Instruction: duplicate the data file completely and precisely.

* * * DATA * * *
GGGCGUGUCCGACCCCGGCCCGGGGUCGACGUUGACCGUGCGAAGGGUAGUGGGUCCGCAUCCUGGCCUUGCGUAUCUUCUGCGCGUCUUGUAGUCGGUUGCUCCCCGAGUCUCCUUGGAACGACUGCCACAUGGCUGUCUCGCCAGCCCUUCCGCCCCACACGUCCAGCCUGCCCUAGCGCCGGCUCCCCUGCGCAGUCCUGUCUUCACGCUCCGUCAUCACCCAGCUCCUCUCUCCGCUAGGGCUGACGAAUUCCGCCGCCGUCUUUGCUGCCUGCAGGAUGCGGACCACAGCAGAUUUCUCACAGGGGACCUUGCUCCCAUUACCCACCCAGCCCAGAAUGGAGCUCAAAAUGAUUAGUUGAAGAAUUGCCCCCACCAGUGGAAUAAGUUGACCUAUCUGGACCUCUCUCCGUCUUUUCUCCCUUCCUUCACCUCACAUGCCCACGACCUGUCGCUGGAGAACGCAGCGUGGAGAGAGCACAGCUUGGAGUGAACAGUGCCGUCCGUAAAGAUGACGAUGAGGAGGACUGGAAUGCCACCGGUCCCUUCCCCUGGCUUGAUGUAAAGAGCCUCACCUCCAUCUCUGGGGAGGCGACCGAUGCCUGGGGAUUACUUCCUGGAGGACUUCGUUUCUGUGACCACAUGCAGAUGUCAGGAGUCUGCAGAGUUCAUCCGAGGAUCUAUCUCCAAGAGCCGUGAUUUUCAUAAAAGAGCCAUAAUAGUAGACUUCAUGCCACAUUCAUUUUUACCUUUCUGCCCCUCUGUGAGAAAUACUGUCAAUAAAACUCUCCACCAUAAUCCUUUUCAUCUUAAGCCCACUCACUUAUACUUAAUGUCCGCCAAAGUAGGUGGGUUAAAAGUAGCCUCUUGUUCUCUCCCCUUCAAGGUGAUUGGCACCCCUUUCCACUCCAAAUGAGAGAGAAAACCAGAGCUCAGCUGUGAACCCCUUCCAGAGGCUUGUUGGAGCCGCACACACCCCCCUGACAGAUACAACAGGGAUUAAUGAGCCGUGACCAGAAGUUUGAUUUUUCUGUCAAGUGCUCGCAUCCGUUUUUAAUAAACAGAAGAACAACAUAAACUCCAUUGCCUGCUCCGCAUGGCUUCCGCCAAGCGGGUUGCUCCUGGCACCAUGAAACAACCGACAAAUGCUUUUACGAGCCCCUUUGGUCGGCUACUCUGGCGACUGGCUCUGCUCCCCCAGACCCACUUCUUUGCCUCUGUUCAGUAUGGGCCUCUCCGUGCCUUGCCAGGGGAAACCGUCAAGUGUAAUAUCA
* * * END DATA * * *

GGGCGUGUCCGACCCCGGCCCGGGGUCGACGUUGACCGUGCGAAGGGUAGUGGGUCCGCAUCCUGGCCUUGCGUAUCUUCUGCGCGUCUUGUAGUCGGUUGCUCCCCGAGUCUCCUUGGAACGACUGCCACAUGGCUGUCUCGCCAGCCCUUCCGCCCCACACGUCCAGCCUGCCCUAGCGCCGGCUCCCCUGCGCAGUCCUGUCUUCACGCUCCGUCAUCACCCAGCUCCUCUCUCCGCUAGGGCUGACGAAUUCCGCCGCCGUCUUUGCUGCCUGCAGGAUGCGGACCACAGCAGAUUUCUCACAGGGGACCUUGCUCCCAUUACCCACCCAGCCCAGAAUGGAGCUCAAAAUGAUUAGUUGAAGAAUUGCCCCCACCAGUGGAAUAAGUUGACCUAUCUGGACCUCUCUCCGUCUUUUCUCCCUUCCUUCACCUCACAUGCCCACGACCUGUCGCUGGAGAACGCAGCGUGGAGAGAGCACAGCUUGGAGUGAACAGUGCCGUCCGUAAAGAUGACGAUGAGGAGGACUGGAAUGCCACCGGUCCCUUCCCCUGGCUUGAUGUAAAGAGCCUCACCUCCAUCUCUGGGGAGGCGACCGAUGCCUGGGGAUUACUUCCUGGAGGACUUCGUUUCUGUGACCACAUGCAGAUGUCAGGAGUCUGCAGAGUUCAUCCGAGGAUCUAUCUCCAAGAGCCGUGAUUUUCAUAAAAGAGCCAUAAUAGUAGACUUCAUGCCACAUUCAUUUUUACCUUUCUGCCCCUCUGUGAGAAAUACUGUCAAUAAAACUCUCCACCAUAAUCCUUUUCAUCUUAAGCCCACUCACUUAUACUUAAUGUCCGCCAAAGUAGGUGGGUUAAAAGUAGCCUCUUGUUCUCUCCCCUUCAAGGUGAUUGGCACCCCUUUCCACUCCAAAUGAGAGAGAAAACCAGAGCUCAGCUGUGAACCCCUUCCAGAGGCUUGUUGGAGCCGCACACACCCCCCUGACAGAUACAACAGGGAUUAAUGAGCCGUGACCAGAAGUUUGAUUUUUCUGUCAAGUGCUCGCAUCCGUUUUUAAUAAACAGAAGAACAACAUAAACUCCAUUGCCUGCUCCGCAUGGCUUCCGCCAAGCGGGUUGCUCCUGGCACCAUGAAACAACCGACAAAUGCUUUUACGAGCCCCUUUGGUCGGCUACUCUGGCGACUGGCUCUGCUCCCCCAGACCCACUUCUUUGCCUCUGUUCAGUAUGGGCCUCUCCGUGCCUUGCCAGGGGAAACCGUCAAGUGUAAUAUCA